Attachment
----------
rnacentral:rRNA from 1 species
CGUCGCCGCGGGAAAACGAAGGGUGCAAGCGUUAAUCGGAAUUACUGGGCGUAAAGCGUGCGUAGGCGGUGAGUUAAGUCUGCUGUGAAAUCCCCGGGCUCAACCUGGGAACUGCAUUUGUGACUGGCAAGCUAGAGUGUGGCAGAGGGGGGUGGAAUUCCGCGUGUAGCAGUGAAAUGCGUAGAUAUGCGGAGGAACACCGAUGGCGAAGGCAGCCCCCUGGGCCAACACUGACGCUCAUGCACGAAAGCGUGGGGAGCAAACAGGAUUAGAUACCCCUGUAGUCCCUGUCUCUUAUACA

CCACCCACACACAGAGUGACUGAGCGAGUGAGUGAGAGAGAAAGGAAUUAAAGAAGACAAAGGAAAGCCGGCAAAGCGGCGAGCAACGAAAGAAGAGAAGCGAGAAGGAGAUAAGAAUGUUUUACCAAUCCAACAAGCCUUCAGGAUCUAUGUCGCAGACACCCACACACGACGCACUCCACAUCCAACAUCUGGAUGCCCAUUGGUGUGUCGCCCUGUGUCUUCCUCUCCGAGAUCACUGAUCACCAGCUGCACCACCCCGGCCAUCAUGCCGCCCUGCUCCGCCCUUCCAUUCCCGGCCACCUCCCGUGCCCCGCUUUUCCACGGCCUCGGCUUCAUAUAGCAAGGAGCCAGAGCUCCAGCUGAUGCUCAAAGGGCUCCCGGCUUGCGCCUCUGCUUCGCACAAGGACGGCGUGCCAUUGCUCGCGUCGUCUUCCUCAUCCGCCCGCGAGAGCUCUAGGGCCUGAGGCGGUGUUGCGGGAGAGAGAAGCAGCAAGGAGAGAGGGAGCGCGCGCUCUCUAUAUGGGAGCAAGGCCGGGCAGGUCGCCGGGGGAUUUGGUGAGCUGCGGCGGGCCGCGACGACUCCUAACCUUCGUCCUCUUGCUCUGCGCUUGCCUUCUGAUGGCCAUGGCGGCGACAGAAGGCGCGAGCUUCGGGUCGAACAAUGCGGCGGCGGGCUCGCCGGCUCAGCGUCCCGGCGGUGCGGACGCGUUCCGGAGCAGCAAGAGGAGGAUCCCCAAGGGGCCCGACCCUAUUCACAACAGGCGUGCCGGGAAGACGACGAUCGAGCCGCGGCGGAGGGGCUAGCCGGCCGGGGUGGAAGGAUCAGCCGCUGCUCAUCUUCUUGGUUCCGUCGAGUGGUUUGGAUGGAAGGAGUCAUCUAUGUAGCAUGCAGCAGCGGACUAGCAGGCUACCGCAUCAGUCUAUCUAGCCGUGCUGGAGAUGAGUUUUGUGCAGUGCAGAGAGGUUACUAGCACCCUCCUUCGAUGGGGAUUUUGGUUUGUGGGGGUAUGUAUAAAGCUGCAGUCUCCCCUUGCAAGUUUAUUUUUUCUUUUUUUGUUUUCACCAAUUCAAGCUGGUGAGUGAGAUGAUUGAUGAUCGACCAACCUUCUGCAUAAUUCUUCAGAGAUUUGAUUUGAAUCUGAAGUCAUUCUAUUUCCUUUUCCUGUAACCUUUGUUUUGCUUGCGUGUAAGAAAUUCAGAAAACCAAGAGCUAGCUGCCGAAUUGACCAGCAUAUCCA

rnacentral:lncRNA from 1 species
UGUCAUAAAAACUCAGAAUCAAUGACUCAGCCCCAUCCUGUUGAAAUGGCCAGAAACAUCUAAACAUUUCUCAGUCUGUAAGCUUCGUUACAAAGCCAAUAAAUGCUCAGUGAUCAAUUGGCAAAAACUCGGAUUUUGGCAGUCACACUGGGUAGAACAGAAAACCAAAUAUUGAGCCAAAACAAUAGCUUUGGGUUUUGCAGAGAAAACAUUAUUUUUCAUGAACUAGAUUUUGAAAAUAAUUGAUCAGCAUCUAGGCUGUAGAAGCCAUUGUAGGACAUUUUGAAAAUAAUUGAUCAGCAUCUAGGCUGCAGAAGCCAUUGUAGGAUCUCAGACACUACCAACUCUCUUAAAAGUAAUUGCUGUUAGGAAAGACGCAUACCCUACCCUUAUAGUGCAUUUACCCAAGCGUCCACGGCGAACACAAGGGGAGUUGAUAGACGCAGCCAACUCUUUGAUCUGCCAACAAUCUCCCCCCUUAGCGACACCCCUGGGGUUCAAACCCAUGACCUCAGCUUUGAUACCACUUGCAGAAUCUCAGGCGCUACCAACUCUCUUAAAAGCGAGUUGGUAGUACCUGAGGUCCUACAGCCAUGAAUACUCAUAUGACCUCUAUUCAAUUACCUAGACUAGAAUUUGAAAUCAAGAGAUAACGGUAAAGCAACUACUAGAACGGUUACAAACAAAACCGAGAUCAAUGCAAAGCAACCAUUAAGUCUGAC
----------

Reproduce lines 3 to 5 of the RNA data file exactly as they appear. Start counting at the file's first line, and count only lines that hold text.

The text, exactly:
CCACCCACACACAGAGUGACUGAGCGAGUGAGUGAGAGAGAAAGGAAUUAAAGAAGACAAAGGAAAGCCGGCAAAGCGGCGAGCAACGAAAGAAGAGAAGCGAGAAGGAGAUAAGAAUGUUUUACCAAUCCAACAAGCCUUCAGGAUCUAUGUCGCAGACACCCACACACGACGCACUCCACAUCCAACAUCUGGAUGCCCAUUGGUGUGUCGCCCUGUGUCUUCCUCUCCGAGAUCACUGAUCACCAGCUGCACCACCCCGGCCAUCAUGCCGCCCUGCUCCGCCCUUCCAUUCCCGGCCACCUCCCGUGCCCCGCUUUUCCACGGCCUCGGCUUCAUAUAGCAAGGAGCCAGAGCUCCAGCUGAUGCUCAAAGGGCUCCCGGCUUGCGCCUCUGCUUCGCACAAGGACGGCGUGCCAUUGCUCGCGUCGUCUUCCUCAUCCGCCCGCGAGAGCUCUAGGGCCUGAGGCGGUGUUGCGGGAGAGAGAAGCAGCAAGGAGAGAGGGAGCGCGCGCUCUCUAUAUGGGAGCAAGGCCGGGCAGGUCGCCGGGGGAUUUGGUGAGCUGCGGCGGGCCGCGACGACUCCUAACCUUCGUCCUCUUGCUCUGCGCUUGCCUUCUGAUGGCCAUGGCGGCGACAGAAGGCGCGAGCUUCGGGUCGAACAAUGCGGCGGCGGGCUCGCCGGCUCAGCGUCCCGGCGGUGCGGACGCGUUCCGGAGCAGCAAGAGGAGGAUCCCCAAGGGGCCCGACCCUAUUCACAACAGGCGUGCCGGGAAGACGACGAUCGAGCCGCGGCGGAGGGGCUAGCCGGCCGGGGUGGAAGGAUCAGCCGCUGCUCAUCUUCUUGGUUCCGUCGAGUGGUUUGGAUGGAAGGAGUCAUCUAUGUAGCAUGCAGCAGCGGACUAGCAGGCUACCGCAUCAGUCUAUCUAGCCGUGCUGGAGAUGAGUUUUGUGCAGUGCAGAGAGGUUACUAGCACCCUCCUUCGAUGGGGAUUUUGGUUUGUGGGGGUAUGUAUAAAGCUGCAGUCUCCCCUUGCAAGUUUAUUUUUUCUUUUUUUGUUUUCACCAAUUCAAGCUGGUGAGUGAGAUGAUUGAUGAUCGACCAACCUUCUGCAUAAUUCUUCAGAGAUUUGAUUUGAAUCUGAAGUCAUUCUAUUUCCUUUUCCUGUAACCUUUGUUUUGCUUGCGUGUAAGAAAUUCAGAAAACCAAGAGCUAGCUGCCGAAUUGACCAGCAUAUCCA

rnacentral:lncRNA from 1 species
UGUCAUAAAAACUCAGAAUCAAUGACUCAGCCCCAUCCUGUUGAAAUGGCCAGAAACAUCUAAACAUUUCUCAGUCUGUAAGCUUCGUUACAAAGCCAAUAAAUGCUCAGUGAUCAAUUGGCAAAAACUCGGAUUUUGGCAGUCACACUGGGUAGAACAGAAAACCAAAUAUUGAGCCAAAACAAUAGCUUUGGGUUUUGCAGAGAAAACAUUAUUUUUCAUGAACUAGAUUUUGAAAAUAAUUGAUCAGCAUCUAGGCUGUAGAAGCCAUUGUAGGACAUUUUGAAAAUAAUUGAUCAGCAUCUAGGCUGCAGAAGCCAUUGUAGGAUCUCAGACACUACCAACUCUCUUAAAAGUAAUUGCUGUUAGGAAAGACGCAUACCCUACCCUUAUAGUGCAUUUACCCAAGCGUCCACGGCGAACACAAGGGGAGUUGAUAGACGCAGCCAACUCUUUGAUCUGCCAACAAUCUCCCCCCUUAGCGACACCCCUGGGGUUCAAACCCAUGACCUCAGCUUUGAUACCACUUGCAGAAUCUCAGGCGCUACCAACUCUCUUAAAAGCGAGUUGGUAGUACCUGAGGUCCUACAGCCAUGAAUACUCAUAUGACCUCUAUUCAAUUACCUAGACUAGAAUUUGAAAUCAAGAGAUAACGGUAAAGCAACUACUAGAACGGUUACAAACAAAACCGAGAUCAAUGCAAAGCAACCAUUAAGUCUGAC